For the first time in my twenty years behind the wheel my car is parked indoors. No more scraping ice from the windshield. No more warming my car up for ten minutes when it’s twenty degrees below zero outside. No more opening the windows for ten minutes to cool my car down when it’s a hundred degrees outside. My house has a one-car garage and for twenty years my house has had two cars. As the first one out in the morning and the last one home, my car and I were always the ones left out in the cold.
I had been planning to sell my mom’s car for some time, but hadn’t gotten around to it yet, or couldn’t bring myself to do it, or a little of both. Today was the day I was ready. It all started Friday afternoon with this text from my Dad, “Do you want to run your car out after work or sometime this weekend?” and snowballed from there. I’ve been tackling some Do-It-Yourself projects in my house of late and have made multiple purchases of items longer and/or wider than the backseat of my four door sedan. It’s all been a mess of spatial impossibilities with much wrangling and disassembling and unpackaging required. I clearly needed more cargo room. So, I would trade in mom’s car, end the lease on my sedan early and lease a small SUV. Decision made, simple as that.
Not so simple? Cleaning out mom’s car. That was the last thing still around that was exactly the way she had left it before she was diagnosed. The last time she got out of that car she didn’t have cancer, or at least we didn’t know she did. Everything was sitting just as she left it the last day she ever drove. I took a second to look at everything sitting there. Then I teared up and started to quickly put everything into a bag. A bottle of water, two candy wrappers (my mom loved her chocolate!), a cd in the cd player, her sunglasses.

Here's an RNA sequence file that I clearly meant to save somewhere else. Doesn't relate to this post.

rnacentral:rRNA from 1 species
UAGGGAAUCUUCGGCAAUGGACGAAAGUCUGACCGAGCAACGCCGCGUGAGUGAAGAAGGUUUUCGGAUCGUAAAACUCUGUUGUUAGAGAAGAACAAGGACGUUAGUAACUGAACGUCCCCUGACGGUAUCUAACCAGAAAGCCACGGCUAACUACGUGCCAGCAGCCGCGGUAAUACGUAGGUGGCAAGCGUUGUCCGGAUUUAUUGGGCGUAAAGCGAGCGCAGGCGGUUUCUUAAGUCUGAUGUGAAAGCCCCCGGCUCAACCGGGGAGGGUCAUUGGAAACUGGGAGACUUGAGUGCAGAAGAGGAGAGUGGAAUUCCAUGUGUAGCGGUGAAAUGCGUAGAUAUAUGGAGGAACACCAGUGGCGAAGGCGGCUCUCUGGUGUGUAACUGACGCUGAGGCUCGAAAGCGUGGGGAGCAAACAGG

The last time she ever drove was also the last time she ever bought me something. When I got home from work that day a box of Kleenex in my favorite box design was sitting on my bed. She had driven to the Target near our house. She told me, “I remembered you said you needed a new box of Kleenex for work and I saw they had your favorite box, so I got you one! I really had trouble steering though with just my right arm. I better not drive anymore until my left arm is better.” That was the last time she ever drove. I still have that unopened box of Kleenex, tied up in its Target bag, sitting on my desk at work. I’ve gone through two other boxes of Kleenex that I’ve bought since then, but I can’t bring myself to use the last thing she ever bought me, because that means it will eventually be used up and gone. And it may have just been a box of Kleenex, but it was thoughtful. I didn’t ask her to buy me Kleenex. I casually mentioned that I needed to remember to get some, she was at the store, remembered what my favorite box style was, saw that they had it and bought it for me. That was my mom. She was always thinking of other people. Even in small ways.
When the cars were ready to go, my dad and I drove to the dealership to spend the day sitting in their chairs. Four different sets of chairs in about four hours by my count. Even when you know exactly what you want, leaving a dealership in a different vehicle than you arrived in takes time. But I’m pretty patient in these situations and don’t mind waiting around (and neither does my dad). Plus, this dealership is great and I’ve been going there for years. My regular salesman was there. He recognized me and remembered I have to have a moonroof, sooo…apparently I was more emphatic on that point than I realized when I was there last time, if he remembered it two years later. I found what I wanted, paperworked it all out, and by the end of the day my cargo space, moonroof and I were finally home and indoors!